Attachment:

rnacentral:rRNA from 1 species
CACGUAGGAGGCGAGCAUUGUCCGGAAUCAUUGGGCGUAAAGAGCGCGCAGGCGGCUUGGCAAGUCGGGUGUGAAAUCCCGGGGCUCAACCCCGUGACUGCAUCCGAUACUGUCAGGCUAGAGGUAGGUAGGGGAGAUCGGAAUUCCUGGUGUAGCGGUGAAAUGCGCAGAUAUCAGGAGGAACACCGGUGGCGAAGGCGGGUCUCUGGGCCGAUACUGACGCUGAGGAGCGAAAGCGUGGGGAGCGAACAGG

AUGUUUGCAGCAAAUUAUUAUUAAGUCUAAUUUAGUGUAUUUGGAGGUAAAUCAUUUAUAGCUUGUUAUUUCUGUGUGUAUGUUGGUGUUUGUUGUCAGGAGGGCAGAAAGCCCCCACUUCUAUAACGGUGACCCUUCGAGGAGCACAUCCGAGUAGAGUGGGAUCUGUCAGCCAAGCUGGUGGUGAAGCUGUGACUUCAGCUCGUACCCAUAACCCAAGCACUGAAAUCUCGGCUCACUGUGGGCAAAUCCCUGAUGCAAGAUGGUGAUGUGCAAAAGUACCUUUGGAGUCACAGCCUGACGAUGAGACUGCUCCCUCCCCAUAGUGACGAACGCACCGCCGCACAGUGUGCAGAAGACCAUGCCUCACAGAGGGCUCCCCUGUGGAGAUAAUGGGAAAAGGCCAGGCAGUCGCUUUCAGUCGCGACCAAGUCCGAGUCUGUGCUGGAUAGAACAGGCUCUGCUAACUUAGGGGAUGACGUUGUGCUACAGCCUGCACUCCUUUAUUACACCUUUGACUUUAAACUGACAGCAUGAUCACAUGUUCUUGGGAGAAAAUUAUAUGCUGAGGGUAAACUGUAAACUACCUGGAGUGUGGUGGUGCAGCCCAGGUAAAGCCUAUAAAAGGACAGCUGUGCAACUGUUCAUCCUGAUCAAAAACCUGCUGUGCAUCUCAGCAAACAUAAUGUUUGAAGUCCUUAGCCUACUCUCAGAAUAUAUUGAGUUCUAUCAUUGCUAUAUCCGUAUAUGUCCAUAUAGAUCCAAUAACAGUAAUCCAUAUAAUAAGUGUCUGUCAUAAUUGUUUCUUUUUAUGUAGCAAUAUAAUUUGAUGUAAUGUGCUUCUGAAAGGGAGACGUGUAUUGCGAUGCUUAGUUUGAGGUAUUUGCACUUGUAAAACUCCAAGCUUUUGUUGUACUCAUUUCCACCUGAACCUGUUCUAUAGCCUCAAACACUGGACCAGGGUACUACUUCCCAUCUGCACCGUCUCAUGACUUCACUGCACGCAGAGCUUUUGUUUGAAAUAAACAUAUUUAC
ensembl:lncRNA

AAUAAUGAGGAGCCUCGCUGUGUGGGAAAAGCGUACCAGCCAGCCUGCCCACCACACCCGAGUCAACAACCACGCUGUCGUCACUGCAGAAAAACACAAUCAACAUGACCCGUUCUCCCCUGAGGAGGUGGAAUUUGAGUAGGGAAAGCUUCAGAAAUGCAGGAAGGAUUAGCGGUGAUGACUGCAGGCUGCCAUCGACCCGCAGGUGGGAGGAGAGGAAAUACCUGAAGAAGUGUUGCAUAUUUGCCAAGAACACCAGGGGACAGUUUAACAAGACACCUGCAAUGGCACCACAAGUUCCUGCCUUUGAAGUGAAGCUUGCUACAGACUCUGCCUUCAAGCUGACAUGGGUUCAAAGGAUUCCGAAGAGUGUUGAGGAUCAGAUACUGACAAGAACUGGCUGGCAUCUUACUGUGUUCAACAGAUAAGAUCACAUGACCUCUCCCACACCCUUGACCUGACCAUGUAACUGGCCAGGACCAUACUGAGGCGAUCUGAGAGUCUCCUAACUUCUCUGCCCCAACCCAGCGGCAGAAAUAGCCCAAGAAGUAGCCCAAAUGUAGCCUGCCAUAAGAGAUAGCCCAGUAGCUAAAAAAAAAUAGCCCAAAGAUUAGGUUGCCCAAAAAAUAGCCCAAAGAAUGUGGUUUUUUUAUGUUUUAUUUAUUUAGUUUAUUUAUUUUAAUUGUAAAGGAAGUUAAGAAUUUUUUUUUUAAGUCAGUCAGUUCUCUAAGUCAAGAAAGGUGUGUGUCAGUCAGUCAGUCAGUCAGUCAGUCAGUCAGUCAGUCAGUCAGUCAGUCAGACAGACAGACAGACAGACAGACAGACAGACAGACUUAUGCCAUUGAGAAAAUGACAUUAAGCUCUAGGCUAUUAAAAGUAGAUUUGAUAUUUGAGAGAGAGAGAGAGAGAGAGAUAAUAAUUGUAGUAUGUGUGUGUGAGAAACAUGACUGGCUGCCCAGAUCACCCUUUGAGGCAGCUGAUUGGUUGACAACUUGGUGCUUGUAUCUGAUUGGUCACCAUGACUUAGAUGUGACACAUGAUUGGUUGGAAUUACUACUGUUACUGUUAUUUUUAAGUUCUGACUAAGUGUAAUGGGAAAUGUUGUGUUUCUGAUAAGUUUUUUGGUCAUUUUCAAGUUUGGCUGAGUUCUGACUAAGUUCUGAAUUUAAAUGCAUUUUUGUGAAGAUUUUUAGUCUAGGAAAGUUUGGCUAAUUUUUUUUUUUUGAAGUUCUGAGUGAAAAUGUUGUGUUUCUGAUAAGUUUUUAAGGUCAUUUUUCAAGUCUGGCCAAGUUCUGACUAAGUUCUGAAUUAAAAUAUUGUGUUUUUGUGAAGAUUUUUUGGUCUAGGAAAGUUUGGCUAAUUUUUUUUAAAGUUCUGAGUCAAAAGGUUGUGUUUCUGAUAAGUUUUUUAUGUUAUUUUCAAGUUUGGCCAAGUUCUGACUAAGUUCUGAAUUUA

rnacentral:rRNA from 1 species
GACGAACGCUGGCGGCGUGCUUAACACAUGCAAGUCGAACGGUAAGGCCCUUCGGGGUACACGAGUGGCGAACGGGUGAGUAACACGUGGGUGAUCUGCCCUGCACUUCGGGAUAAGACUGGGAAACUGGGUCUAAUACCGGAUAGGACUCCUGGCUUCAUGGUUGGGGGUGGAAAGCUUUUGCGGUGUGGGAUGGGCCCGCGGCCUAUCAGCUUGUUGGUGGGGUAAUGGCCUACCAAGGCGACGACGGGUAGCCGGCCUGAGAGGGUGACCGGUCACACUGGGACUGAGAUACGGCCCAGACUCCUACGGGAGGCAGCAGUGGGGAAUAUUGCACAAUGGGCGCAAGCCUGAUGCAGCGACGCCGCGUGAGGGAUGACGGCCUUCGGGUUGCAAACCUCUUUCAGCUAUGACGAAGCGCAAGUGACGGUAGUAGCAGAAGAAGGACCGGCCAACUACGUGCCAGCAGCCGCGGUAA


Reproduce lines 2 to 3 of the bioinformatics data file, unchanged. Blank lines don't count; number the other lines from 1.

CACGUAGGAGGCGAGCAUUGUCCGGAAUCAUUGGGCGUAAAGAGCGCGCAGGCGGCUUGGCAAGUCGGGUGUGAAAUCCCGGGGCUCAACCCCGUGACUGCAUCCGAUACUGUCAGGCUAGAGGUAGGUAGGGGAGAUCGGAAUUCCUGGUGUAGCGGUGAAAUGCGCAGAUAUCAGGAGGAACACCGGUGGCGAAGGCGGGUCUCUGGGCCGAUACUGACGCUGAGGAGCGAAAGCGUGGGGAGCGAACAGG

AUGUUUGCAGCAAAUUAUUAUUAAGUCUAAUUUAGUGUAUUUGGAGGUAAAUCAUUUAUAGCUUGUUAUUUCUGUGUGUAUGUUGGUGUUUGUUGUCAGGAGGGCAGAAAGCCCCCACUUCUAUAACGGUGACCCUUCGAGGAGCACAUCCGAGUAGAGUGGGAUCUGUCAGCCAAGCUGGUGGUGAAGCUGUGACUUCAGCUCGUACCCAUAACCCAAGCACUGAAAUCUCGGCUCACUGUGGGCAAAUCCCUGAUGCAAGAUGGUGAUGUGCAAAAGUACCUUUGGAGUCACAGCCUGACGAUGAGACUGCUCCCUCCCCAUAGUGACGAACGCACCGCCGCACAGUGUGCAGAAGACCAUGCCUCACAGAGGGCUCCCCUGUGGAGAUAAUGGGAAAAGGCCAGGCAGUCGCUUUCAGUCGCGACCAAGUCCGAGUCUGUGCUGGAUAGAACAGGCUCUGCUAACUUAGGGGAUGACGUUGUGCUACAGCCUGCACUCCUUUAUUACACCUUUGACUUUAAACUGACAGCAUGAUCACAUGUUCUUGGGAGAAAAUUAUAUGCUGAGGGUAAACUGUAAACUACCUGGAGUGUGGUGGUGCAGCCCAGGUAAAGCCUAUAAAAGGACAGCUGUGCAACUGUUCAUCCUGAUCAAAAACCUGCUGUGCAUCUCAGCAAACAUAAUGUUUGAAGUCCUUAGCCUACUCUCAGAAUAUAUUGAGUUCUAUCAUUGCUAUAUCCGUAUAUGUCCAUAUAGAUCCAAUAACAGUAAUCCAUAUAAUAAGUGUCUGUCAUAAUUGUUUCUUUUUAUGUAGCAAUAUAAUUUGAUGUAAUGUGCUUCUGAAAGGGAGACGUGUAUUGCGAUGCUUAGUUUGAGGUAUUUGCACUUGUAAAACUCCAAGCUUUUGUUGUACUCAUUUCCACCUGAACCUGUUCUAUAGCCUCAAACACUGGACCAGGGUACUACUUCCCAUCUGCACCGUCUCAUGACUUCACUGCACGCAGAGCUUUUGUUUGAAAUAAACAUAUUUAC